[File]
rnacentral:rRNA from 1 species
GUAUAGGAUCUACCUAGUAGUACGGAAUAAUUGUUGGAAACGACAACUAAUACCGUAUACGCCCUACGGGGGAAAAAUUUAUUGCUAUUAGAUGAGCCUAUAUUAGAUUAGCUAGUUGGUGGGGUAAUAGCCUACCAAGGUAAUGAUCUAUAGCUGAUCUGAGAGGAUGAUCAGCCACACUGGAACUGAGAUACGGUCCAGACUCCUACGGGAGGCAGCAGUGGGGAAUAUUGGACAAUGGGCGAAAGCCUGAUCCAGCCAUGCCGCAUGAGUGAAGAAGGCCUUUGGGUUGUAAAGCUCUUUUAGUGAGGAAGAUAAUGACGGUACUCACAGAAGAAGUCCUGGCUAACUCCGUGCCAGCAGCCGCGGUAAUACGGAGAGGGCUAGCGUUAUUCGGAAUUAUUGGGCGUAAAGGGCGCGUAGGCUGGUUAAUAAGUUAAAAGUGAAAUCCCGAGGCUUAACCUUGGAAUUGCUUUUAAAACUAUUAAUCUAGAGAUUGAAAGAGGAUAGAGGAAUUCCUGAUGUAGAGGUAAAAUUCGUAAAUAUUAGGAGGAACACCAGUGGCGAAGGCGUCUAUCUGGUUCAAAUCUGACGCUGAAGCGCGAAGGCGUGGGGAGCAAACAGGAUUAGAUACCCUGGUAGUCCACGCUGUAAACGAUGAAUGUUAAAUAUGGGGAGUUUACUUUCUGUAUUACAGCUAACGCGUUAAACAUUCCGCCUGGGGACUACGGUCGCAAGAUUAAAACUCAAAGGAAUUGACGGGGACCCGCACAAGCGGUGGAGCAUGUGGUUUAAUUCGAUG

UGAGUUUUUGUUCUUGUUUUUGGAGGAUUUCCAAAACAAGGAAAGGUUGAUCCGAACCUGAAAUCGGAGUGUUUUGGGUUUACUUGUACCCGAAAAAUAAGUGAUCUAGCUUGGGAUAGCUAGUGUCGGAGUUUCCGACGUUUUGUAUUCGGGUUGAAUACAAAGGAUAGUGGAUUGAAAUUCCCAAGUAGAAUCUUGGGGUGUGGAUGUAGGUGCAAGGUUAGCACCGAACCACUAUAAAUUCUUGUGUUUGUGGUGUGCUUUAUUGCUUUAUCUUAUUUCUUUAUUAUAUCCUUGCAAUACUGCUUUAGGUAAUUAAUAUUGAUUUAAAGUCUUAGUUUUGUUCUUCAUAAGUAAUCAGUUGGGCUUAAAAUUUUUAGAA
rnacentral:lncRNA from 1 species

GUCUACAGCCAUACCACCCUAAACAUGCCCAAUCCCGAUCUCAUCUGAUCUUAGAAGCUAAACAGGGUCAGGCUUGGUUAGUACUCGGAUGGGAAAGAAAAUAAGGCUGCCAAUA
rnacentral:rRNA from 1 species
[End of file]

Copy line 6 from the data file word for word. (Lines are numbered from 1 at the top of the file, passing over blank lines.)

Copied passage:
rnacentral:rRNA from 1 species